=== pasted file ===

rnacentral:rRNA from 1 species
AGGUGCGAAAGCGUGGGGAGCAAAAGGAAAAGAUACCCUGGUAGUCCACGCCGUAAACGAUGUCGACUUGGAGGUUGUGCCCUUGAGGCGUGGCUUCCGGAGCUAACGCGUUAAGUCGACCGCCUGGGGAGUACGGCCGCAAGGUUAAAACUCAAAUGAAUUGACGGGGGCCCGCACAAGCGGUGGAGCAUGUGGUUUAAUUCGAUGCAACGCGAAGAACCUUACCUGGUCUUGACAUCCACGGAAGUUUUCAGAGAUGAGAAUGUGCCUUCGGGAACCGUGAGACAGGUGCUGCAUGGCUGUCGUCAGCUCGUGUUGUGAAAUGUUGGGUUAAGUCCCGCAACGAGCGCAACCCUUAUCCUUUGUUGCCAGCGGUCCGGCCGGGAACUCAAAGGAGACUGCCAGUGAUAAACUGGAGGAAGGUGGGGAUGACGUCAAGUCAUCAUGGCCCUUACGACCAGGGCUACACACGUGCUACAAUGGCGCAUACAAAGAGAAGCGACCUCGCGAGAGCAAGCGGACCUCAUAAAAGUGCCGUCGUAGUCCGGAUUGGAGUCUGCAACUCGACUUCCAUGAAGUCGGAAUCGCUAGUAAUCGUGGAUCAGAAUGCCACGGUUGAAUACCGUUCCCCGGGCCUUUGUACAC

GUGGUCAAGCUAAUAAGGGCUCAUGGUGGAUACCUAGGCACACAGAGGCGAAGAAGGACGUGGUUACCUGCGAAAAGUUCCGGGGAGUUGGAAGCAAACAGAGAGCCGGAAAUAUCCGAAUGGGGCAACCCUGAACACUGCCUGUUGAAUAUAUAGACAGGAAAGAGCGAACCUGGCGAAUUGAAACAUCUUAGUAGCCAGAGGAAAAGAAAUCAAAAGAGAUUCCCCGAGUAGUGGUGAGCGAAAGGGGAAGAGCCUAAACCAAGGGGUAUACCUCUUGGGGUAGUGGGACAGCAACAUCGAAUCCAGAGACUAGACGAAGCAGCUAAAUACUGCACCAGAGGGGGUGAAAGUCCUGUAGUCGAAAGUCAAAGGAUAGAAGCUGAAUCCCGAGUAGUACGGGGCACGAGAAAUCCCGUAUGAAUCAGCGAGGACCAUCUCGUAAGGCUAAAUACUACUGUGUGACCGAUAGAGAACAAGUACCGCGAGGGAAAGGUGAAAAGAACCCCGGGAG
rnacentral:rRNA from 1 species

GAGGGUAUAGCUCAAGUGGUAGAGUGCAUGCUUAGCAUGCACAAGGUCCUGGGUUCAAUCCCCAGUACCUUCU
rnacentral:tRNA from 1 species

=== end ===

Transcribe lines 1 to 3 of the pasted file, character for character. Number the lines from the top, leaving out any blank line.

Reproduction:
rnacentral:rRNA from 1 species
AGGUGCGAAAGCGUGGGGAGCAAAAGGAAAAGAUACCCUGGUAGUCCACGCCGUAAACGAUGUCGACUUGGAGGUUGUGCCCUUGAGGCGUGGCUUCCGGAGCUAACGCGUUAAGUCGACCGCCUGGGGAGUACGGCCGCAAGGUUAAAACUCAAAUGAAUUGACGGGGGCCCGCACAAGCGGUGGAGCAUGUGGUUUAAUUCGAUGCAACGCGAAGAACCUUACCUGGUCUUGACAUCCACGGAAGUUUUCAGAGAUGAGAAUGUGCCUUCGGGAACCGUGAGACAGGUGCUGCAUGGCUGUCGUCAGCUCGUGUUGUGAAAUGUUGGGUUAAGUCCCGCAACGAGCGCAACCCUUAUCCUUUGUUGCCAGCGGUCCGGCCGGGAACUCAAAGGAGACUGCCAGUGAUAAACUGGAGGAAGGUGGGGAUGACGUCAAGUCAUCAUGGCCCUUACGACCAGGGCUACACACGUGCUACAAUGGCGCAUACAAAGAGAAGCGACCUCGCGAGAGCAAGCGGACCUCAUAAAAGUGCCGUCGUAGUCCGGAUUGGAGUCUGCAACUCGACUUCCAUGAAGUCGGAAUCGCUAGUAAUCGUGGAUCAGAAUGCCACGGUUGAAUACCGUUCCCCGGGCCUUUGUACAC

GUGGUCAAGCUAAUAAGGGCUCAUGGUGGAUACCUAGGCACACAGAGGCGAAGAAGGACGUGGUUACCUGCGAAAAGUUCCGGGGAGUUGGAAGCAAACAGAGAGCCGGAAAUAUCCGAAUGGGGCAACCCUGAACACUGCCUGUUGAAUAUAUAGACAGGAAAGAGCGAACCUGGCGAAUUGAAACAUCUUAGUAGCCAGAGGAAAAGAAAUCAAAAGAGAUUCCCCGAGUAGUGGUGAGCGAAAGGGGAAGAGCCUAAACCAAGGGGUAUACCUCUUGGGGUAGUGGGACAGCAACAUCGAAUCCAGAGACUAGACGAAGCAGCUAAAUACUGCACCAGAGGGGGUGAAAGUCCUGUAGUCGAAAGUCAAAGGAUAGAAGCUGAAUCCCGAGUAGUACGGGGCACGAGAAAUCCCGUAUGAAUCAGCGAGGACCAUCUCGUAAGGCUAAAUACUACUGUGUGACCGAUAGAGAACAAGUACCGCGAGGGAAAGGUGAAAAGAACCCCGGGAG